Located in Beijing’s Inner City, the siheyuan in question required modernisation of spaces and services in response to the new demands of life and commerce in China’s capital city. In recent years Beijing has been moving ahead with (or, some would say, suffering from) a gentrification process, rebranding itself as cosmopolitan city in which it is imperative to leave behind the city’s past of poverty and introduce a new profit-oriented economy. “Getting rich is glorious”, Deng Xiaoping is said to have declared back in the 1970s.
There has, however, been more resistance to this standardisation of the cityscape in the Dashilar district than elsewhere, with a greater focus on mediation with the past in the local architecture. The entrance to the siheyuan, now called the Twisting Courtyard, is clearly oriented toward preserving the marks of history, and restoration of the entrance heralds the modernisation of the building’s interior, with its wealth of detail.
The walls around the courtyard have been restored, and the internal subdivision into four volumes facing the courtyard has been maintained: two longer ends and two smaller central ones. As the siheyuan is now used for a variety of purposes – it contains bedrooms but can also be rented to host public events – Archstudio’s goal is to present a building made up of separate but related parts. They achieve this by preserving the original appearance and individuality of the four volumes overlooking the courtyard with their pagoda roofs, while at the same time using the same flooring in all parts of the building to establish continuity between its parts.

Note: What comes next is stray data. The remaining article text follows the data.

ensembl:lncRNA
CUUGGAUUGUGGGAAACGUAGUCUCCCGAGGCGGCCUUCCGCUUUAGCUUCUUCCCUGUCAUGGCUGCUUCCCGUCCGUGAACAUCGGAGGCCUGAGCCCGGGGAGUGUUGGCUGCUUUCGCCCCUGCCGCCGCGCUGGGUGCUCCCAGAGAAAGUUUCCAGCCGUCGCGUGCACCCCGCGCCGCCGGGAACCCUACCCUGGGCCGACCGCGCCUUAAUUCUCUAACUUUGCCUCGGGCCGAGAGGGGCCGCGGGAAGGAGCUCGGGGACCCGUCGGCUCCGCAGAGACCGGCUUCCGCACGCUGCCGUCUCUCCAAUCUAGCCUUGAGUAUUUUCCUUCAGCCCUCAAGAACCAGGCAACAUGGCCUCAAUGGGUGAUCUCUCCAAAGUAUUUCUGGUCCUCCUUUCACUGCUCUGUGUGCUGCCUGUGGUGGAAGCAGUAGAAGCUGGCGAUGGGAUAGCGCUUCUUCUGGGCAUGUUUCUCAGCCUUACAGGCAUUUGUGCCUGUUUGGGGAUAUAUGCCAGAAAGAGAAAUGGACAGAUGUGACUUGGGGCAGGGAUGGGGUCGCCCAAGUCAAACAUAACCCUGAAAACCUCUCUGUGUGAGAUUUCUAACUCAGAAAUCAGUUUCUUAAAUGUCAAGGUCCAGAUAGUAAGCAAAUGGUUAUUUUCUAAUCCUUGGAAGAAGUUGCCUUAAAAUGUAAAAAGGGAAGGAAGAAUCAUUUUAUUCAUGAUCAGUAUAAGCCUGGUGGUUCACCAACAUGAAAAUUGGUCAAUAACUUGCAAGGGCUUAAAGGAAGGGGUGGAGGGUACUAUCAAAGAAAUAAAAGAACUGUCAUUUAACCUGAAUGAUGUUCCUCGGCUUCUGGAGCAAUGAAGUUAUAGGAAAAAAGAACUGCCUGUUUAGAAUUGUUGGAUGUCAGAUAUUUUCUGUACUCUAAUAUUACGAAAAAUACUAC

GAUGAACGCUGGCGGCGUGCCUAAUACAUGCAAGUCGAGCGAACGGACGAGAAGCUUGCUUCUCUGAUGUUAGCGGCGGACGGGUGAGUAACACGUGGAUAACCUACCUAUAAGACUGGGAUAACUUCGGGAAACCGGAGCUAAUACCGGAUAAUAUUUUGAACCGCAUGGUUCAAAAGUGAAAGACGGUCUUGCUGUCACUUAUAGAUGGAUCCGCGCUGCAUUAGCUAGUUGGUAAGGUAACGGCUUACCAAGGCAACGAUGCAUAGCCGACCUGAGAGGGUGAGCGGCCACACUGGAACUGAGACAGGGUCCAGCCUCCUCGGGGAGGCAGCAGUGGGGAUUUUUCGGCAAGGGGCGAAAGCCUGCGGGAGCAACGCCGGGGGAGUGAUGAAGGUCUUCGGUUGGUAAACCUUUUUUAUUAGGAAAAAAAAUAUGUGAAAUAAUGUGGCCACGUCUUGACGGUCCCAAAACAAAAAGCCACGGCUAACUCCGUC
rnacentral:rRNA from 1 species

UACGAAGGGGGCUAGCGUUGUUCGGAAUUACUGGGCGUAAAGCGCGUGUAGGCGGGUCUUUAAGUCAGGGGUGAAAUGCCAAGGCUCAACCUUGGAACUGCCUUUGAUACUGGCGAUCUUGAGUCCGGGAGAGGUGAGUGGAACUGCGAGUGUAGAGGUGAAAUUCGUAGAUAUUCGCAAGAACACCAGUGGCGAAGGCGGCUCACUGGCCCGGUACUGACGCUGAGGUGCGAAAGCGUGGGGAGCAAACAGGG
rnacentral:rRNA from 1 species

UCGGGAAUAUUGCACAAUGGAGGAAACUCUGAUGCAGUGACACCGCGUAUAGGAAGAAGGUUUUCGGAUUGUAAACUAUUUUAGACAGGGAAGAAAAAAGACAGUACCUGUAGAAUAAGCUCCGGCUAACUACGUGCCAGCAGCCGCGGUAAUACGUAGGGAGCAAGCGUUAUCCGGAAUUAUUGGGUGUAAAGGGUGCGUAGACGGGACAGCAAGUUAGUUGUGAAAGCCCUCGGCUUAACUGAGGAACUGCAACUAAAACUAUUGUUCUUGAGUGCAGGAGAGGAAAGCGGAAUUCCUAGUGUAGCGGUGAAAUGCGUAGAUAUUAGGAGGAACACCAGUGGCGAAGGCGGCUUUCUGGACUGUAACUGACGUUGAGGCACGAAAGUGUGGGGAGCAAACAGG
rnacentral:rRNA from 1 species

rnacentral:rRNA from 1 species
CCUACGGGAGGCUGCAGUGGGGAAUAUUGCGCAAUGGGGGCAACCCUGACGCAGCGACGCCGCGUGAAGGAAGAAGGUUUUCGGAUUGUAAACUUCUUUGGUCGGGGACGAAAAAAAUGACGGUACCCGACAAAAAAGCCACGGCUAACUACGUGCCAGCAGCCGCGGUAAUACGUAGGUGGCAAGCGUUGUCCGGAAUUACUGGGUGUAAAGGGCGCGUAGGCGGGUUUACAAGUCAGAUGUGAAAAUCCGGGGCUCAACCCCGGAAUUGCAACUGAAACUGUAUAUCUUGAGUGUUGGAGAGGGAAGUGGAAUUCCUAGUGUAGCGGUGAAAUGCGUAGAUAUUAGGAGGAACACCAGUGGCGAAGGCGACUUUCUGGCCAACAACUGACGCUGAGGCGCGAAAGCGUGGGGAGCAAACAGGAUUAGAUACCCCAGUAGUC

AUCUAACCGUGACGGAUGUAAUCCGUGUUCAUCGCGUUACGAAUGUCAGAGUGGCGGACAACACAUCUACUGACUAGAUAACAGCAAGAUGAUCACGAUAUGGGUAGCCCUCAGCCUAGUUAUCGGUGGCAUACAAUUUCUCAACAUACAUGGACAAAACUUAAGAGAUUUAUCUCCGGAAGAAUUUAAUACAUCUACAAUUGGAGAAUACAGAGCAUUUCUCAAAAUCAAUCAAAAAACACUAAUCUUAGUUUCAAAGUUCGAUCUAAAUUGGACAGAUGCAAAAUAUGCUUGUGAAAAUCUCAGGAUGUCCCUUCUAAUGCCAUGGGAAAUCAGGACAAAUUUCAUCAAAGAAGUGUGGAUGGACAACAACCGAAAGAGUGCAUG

To ensure the reversibility required to convert bedrooms into semi-public spaces, such as reception or entertainment areas, the architects designed wooden boxes in the stone spaces: true rooms within rooms, incorporating mobile furnishings which can if necessary be folded away into the walls (murphy beds and tables emerging from openings in the floor). Great cleanliness of form aids the process of adaptation of the space from residential to convivial. Wood and glass, widely used in the renovation project, are materials chosen with great care to achieve this; the walls facing the courtyards of the two end volumes have been replaced with floor-to-ceiling windows dialoguing directly with the inner garden, with curtains that can be closed to darken the rooms. The oak walls and furnishings create a homelike, hospitable atmosphere.
A touch of bold modernity is added by the stone tiles forming a path from the entrance, along the courtyard, and from room to room and even become three-dimensional in two places in the end volumes, rising up to form new spaces. The flat floor puts all the spaces on the same level, eliminating the slight differences in level characterising historical buildings, and becomes three-dimensional to conceal the utility areas, bathrooms and kitchen, additions to the new layout of the siheyuan.
In the Twisting Courtyard, the traditional and the contemporary come together to create a space that is hard to define but continues to evoke the buzz and dynamism of the traditional Chinese courtyard.
Design team: Archstudio (Han Wen-Qiang)
Location: Paizihutong, Beijing (China)
Site area: 225 sqm
Building area: 161 sqm
Main material: grey brick, oak panels
Design time: June 2016 - September 2016
Construction time: October 2016 - May 2017
Furniture accessories: Song Guochao
Photographer: © Wang Ning, Jin Weiqi
Text: Han Wenqiang